Coronavirus and the perils of signing your Will

24 March 2020

The news is dominated at the moment with the dreaded C word – COVID-19.  Our TV screens, phones and newspapers are filled with the death count, panic buying and now “lockdown”.  For many, being isolated or maintaining social distancing means that you may well be thinking about your future.

In fact, we now know this is the case as Will instructions have apparently risen by 30% since COVID -19 reached our shores, and the instructions flowing into Kingsley Napley’s Private Client department certainly back up this statistic.

However taking instructions are one thing, but what effect does
COVID -19 have on Will signings?

In order for your Will to be legally valid there are specific conditions which must be met when your Will is signed.

  1. The Will needs to be in writing.
  2. The Will needs to be signed by the person making the Will (the testator) in the presence of two independent witnesses (who must be present at the same time).
  3. The witnesses must each sign the Will in the presence of the testator.

The government’s guidance on isolation and social distancing does place us in a slight conundrum when considering how to validly sign your Will. So, now what?

Step 1 is not particularly difficult. The Will can either be handwritten or typed. We would recommend that in order to avoid complications post-death, the Will is typed, but if parchment and ink is your preference then provided the other formalities are met, this should not be a problem!

Steps 2 and 3 are where it becomes trickier. You must sign the Will in the presence of two witnesses who have to see you signing the Will. The witnesses must then each sign the Will in your presence. It is not necessary for the witnesses to be aware of the contents of the Will. 

You may think this can be easily solved by having a spouse or children to witness the Will, but the witness cannot be a beneficiary of the Will or a close relative of a beneficiary.  If one of them were to sign, they risk losing any legacy or inheritance left to them in the Will!

Electronic signatures have become more common place recently, but unfortunately they are still not acceptable for Will signings. There is no confirmation that e-signatures or video-witnessing will be accepted as sufficient execution of Wills (yet).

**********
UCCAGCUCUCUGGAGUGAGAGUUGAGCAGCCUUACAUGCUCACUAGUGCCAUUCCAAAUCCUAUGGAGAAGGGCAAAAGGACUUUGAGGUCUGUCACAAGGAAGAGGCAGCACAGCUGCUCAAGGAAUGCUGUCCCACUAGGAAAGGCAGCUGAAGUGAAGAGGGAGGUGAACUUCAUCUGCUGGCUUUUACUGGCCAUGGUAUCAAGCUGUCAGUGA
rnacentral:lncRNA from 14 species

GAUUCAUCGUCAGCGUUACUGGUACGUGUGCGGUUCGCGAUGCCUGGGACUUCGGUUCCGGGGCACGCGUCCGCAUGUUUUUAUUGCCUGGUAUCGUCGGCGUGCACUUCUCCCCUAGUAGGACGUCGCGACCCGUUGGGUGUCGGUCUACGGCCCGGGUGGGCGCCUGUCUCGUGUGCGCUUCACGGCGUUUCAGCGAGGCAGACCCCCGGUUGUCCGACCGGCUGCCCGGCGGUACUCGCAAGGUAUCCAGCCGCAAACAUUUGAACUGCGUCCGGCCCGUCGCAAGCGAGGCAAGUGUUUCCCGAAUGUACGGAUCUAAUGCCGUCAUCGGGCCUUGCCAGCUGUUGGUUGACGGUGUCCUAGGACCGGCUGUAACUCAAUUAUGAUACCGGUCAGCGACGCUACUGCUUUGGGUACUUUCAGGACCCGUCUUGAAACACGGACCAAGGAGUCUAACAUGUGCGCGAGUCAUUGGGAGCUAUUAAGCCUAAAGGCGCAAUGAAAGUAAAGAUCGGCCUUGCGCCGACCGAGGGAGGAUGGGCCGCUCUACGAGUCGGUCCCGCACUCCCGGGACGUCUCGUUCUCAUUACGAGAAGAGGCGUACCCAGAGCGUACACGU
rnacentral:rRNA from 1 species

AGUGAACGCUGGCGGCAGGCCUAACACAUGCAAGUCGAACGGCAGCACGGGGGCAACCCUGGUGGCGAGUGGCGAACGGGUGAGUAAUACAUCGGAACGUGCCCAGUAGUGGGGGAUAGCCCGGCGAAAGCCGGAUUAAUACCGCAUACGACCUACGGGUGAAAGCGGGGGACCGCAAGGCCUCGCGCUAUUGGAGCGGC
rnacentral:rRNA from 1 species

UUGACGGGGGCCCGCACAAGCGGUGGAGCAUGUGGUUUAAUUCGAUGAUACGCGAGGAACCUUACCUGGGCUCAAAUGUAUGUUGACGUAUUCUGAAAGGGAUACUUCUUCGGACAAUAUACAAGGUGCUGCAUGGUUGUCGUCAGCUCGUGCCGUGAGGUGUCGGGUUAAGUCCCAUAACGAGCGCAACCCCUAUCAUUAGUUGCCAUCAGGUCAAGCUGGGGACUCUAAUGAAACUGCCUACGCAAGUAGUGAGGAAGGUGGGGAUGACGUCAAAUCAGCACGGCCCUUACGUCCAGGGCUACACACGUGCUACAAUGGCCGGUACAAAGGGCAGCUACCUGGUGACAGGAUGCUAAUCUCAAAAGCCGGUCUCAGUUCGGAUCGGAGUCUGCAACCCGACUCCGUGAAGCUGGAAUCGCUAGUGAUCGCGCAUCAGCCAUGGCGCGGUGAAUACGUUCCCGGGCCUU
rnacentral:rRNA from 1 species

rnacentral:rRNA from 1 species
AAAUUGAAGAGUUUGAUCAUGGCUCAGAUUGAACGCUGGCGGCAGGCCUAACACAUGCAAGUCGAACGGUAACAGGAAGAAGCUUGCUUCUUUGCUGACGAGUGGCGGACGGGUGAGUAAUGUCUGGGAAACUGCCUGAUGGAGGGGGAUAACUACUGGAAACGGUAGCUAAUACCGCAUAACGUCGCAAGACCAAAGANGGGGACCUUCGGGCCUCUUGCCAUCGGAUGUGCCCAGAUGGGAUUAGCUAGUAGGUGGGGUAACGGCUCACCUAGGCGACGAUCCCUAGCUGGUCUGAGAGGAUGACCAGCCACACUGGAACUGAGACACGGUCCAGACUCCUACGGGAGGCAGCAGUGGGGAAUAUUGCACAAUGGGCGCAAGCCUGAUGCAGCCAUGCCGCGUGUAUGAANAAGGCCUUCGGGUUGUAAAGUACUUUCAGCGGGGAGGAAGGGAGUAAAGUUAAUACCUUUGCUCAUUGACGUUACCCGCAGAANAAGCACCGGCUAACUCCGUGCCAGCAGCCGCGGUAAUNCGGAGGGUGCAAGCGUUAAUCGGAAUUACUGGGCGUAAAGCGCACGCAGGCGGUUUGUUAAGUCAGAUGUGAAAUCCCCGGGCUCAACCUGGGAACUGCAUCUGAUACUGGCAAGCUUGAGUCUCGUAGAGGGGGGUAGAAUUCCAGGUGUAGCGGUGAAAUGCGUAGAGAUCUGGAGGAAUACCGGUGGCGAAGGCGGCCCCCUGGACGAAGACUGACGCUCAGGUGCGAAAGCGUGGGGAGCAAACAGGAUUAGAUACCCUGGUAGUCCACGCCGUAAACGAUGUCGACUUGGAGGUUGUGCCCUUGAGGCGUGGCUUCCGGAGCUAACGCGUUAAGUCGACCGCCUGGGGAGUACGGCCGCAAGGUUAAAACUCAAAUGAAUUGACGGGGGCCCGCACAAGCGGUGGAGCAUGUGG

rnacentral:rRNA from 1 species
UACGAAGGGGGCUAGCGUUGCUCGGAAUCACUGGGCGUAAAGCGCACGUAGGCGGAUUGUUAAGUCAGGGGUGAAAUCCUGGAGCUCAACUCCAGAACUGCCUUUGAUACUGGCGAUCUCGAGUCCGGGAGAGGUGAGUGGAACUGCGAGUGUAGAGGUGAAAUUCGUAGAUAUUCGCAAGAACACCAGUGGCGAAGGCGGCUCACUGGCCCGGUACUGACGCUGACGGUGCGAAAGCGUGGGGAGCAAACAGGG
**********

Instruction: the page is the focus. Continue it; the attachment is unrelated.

Traditionally, we would arrange for the testator and the witnesses to be  in a room and the Will would be properly signed by all the parties. This is no longer possible.  

We can send Wills to you for you to make arrangements for suitable witnesses to be present when you sign the Will whilst maintaining a safe distance so far as possible. The difficulty is assessing what a safe distance is (particularly if you are vulnerable and are self-isolating) and how to maintain it whilst ensuring you satisfy the requirements necessary to execute a valid will.

One suggestion could be a park bench with either of your witnesses lurking at the adjacent benches – they could see you witness your Will and then after a successful rotation they could each approach the park bench individually and have it witnessed. (Beware of the lockdown!)

Or, you could ask adjacent neighbours to witness and sign the Will from the safety of their own garden. Provided that you and each witness can see each other sign the Will, this would form valid execution (although admittedly if you have high fences, some acrobatics may be required).

Standing on your doorstep whilst your witnesses stand on the pavement is another option, but depending on how isolated you are required to be and the level of risk, there is of course the issue of transporting the Will (perhaps a well behaved pet can be utilised here).

Opposite sides of the same room would also be a possibility, but this of course depends on the size of the room and the vulnerability of the individuals involved.

There are various ways and means which can be used to ensure you execute a valid Will. COVID-19 may well have changed the world in a completely unprecedented way, but this should not stop you thinking about the future, planning and preparing and ensuring all the necessary documents are properly executed.

Our Private Client Department remains very much “open for business”.

About the authors

James Ward heads the Private Client team at Kingsley Napley and is tasked with overseeing the continued development of the private client offering for both existing and new clients of the firm. His objective is for the Private Client team to offer the highest quality legal, practical and commercial private client advice for both domestic and international families and individuals.

Diva Shah is an associate in our Private Client team. Diva acts for various clients including high net worth individuals, entrepreneurs, executors, trustees and individuals who lack mental capacity on a broad range of matters

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